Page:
You are being led to yourself

putting things down and picking things up.

Every night you wash in loss and satisfaction.

You have not yet learned the language of your prayers

but have felt them move inside you like a child.

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Thaddeus Rutkowski, Guess and Check — Review

Although I daresay he didn’t originate this style, there is a form of writing where reality and dream are mixed in a special way, which has become associated with Murakami, but which has been given new twists by American authors, most notably in the way it has been given a novel direction and dynamic by Thad Rutkowski in his new collection of short stories, Guess and Check.

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Jim Feast
Review of Wu Kong

If, judging by the trailers, the summer’s great female assassin film will not be Atomic Blonde, but Jung Byung-gil’s The Villainess, I know from having just seen it that so far the summer’s great action film isDerek Kwok’s Wu Kong with its repeated tagline, “My name will be remembered a million years, Sun Wu Kong.”

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Review of Chester B. Himes: A Biography

In an arena of fans and critics primed for the often-bloody sport of declamation, it takes much nerve to attempt to tell the definitive story of a major literary figure. But with Chester B. Himes: A Biography, author Lawrence Jackson lays his game down flat and provides the most wonderful and illuminating portrait of Himes that we are likely to get.

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Children’s Books Missed These Immigrant Stories. So Students Wrote Them. (NYTimes)

Greatness surrounds Melissa Cabrera when she attends classes at Bronx Community College. That should not be surprising, because the campus is home to the Hall of Fame for Great Americans, where busts of scientists, scholars and statesmen, among others, line a grand colonnade that wraps around Gould Memorial Library, an architectural treasure designed by Stanford White.

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Jay-Z Embraces the Feminine--and So Much More--on Astounding 4:44

It’s a foolhardy attempt to try and nail down any lyrics-driven album in a single set of bars, especially one authored by a rapper of Jay-Z’s legendary, layered dexterity. But early on in the confessional “4:44,” the rapper born Shawn Carter states: “I apologize, often womanize/Took for my child to be born to see through a woman’s eyes/Took me these natural twins to believe in miracles/Took me too long for this song/I don’t deserve you.” The dual facts that a truly soul-searching statement from such a titan of rap has been long forthcoming and that he now better understands both his feminine side and the myths of masculinity are two of the multiple animating elements at work on the rapper’s shockingly good thirteenth studio album, 4:44.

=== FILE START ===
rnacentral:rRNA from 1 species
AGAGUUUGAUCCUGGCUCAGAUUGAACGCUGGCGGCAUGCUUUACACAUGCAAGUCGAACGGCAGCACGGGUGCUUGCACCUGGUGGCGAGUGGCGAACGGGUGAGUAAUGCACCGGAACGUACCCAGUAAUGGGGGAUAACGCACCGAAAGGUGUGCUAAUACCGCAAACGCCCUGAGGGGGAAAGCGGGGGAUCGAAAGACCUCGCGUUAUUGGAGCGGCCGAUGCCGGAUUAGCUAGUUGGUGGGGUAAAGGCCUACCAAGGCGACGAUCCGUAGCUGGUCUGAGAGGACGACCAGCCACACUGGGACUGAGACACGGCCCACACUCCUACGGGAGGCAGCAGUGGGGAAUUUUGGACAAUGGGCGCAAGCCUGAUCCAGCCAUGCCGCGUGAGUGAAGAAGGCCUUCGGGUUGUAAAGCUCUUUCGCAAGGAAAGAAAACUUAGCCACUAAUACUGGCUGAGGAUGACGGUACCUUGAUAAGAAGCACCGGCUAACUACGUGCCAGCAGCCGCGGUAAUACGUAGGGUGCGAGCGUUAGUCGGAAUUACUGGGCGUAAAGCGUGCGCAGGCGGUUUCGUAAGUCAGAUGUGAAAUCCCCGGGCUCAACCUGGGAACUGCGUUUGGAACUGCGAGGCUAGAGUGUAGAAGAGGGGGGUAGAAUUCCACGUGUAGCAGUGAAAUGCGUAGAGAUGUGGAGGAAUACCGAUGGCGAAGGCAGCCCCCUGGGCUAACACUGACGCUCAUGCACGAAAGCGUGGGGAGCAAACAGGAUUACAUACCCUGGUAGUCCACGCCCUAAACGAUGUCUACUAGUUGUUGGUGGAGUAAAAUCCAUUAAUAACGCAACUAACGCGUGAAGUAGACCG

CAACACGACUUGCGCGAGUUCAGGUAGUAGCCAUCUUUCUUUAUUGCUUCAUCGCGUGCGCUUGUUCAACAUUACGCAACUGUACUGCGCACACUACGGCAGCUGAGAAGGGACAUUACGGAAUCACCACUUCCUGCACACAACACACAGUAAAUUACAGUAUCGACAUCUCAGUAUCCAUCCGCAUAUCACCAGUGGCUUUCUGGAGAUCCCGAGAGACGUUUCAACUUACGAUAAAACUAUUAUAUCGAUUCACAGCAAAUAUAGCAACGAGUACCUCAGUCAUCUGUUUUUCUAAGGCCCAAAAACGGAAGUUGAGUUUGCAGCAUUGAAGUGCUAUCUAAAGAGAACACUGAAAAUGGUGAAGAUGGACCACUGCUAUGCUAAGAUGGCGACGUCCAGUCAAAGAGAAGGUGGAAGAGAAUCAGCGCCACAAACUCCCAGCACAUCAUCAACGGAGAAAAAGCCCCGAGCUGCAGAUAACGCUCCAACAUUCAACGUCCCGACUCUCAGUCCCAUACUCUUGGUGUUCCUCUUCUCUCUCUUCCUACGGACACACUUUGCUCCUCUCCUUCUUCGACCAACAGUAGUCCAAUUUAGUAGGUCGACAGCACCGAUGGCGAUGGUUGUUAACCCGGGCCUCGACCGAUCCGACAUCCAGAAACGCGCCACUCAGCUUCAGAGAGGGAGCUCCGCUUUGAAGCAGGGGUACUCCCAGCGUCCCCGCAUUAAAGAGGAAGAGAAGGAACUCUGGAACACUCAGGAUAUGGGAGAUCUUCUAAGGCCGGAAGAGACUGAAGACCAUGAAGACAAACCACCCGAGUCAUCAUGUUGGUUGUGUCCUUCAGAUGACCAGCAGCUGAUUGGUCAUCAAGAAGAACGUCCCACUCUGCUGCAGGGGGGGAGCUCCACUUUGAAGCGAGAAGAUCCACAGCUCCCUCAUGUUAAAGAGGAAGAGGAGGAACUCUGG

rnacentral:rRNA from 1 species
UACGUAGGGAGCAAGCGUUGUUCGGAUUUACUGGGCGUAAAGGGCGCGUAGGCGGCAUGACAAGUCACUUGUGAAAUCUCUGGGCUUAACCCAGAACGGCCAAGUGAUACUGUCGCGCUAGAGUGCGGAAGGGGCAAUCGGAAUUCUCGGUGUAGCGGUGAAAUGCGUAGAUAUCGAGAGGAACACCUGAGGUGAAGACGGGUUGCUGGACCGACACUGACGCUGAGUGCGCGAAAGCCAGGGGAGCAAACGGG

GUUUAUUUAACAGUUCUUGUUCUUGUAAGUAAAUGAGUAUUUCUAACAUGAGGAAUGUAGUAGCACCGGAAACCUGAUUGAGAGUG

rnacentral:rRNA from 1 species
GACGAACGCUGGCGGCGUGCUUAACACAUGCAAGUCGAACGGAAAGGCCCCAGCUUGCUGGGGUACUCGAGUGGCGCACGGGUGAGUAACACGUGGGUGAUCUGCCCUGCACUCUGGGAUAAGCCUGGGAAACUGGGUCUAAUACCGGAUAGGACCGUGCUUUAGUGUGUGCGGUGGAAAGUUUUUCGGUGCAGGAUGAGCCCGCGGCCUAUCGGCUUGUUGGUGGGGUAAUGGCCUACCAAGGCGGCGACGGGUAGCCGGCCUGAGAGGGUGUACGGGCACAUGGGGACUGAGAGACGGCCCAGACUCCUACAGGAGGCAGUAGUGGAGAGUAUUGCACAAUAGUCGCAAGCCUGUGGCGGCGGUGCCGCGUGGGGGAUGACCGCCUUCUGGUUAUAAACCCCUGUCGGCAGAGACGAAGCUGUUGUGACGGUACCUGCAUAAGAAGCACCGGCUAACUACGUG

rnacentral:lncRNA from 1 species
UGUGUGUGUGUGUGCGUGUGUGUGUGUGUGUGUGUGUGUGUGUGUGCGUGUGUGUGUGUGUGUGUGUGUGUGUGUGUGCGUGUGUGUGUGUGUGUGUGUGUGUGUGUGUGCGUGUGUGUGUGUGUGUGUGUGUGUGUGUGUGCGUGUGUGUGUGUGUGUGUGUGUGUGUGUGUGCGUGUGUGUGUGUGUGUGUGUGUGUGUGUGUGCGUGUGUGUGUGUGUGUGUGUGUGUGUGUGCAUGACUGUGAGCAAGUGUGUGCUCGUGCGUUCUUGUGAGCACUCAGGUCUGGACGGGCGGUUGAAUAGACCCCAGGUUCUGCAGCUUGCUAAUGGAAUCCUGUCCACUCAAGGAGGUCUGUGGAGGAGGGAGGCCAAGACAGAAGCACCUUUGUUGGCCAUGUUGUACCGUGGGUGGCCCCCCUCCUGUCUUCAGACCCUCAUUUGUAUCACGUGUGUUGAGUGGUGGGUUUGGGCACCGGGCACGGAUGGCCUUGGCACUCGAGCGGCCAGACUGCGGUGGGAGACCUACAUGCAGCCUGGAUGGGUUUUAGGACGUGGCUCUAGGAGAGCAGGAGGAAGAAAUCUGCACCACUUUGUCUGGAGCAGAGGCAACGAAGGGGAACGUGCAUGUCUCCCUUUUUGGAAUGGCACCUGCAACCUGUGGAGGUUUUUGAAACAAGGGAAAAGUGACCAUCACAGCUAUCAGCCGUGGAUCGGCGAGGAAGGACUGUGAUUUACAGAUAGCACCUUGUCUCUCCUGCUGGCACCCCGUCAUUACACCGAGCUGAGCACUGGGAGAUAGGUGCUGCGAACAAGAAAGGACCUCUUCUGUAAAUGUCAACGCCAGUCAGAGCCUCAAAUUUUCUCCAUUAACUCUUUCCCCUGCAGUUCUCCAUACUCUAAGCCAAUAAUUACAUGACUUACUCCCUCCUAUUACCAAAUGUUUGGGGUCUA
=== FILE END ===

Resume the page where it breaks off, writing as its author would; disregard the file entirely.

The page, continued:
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Whitney Biennial Review

Biennials are a strange thing by their nature. Meant to represent the cream of the artistic crop, these biannual events offer an implicit promise for both artistic excellence (however one chooses to define that these days) and sharp social commentary. In this way the art displayed at a biennial serves a dual purpose: to assure highbrow connoisseurs that quality fine art is still being produced, and at the same time to reflect the zeitgeist. This zeitgeist does not belong to the rarified air of the New York art world, however, or the downtown scenesters sipping wine out of plastic cups in the antiseptic spaces of Chelsea art galleries. The zeitgeist is messy. It consists of violent video games, mass shootings, mind-boggling inequality, opiate addiction, racial tension, social media, and a consumer economy based on cheap labor, disposable products, and omnipresent advertising. In other words, it is about as far from 19th century French impressionism as one could possibly get.

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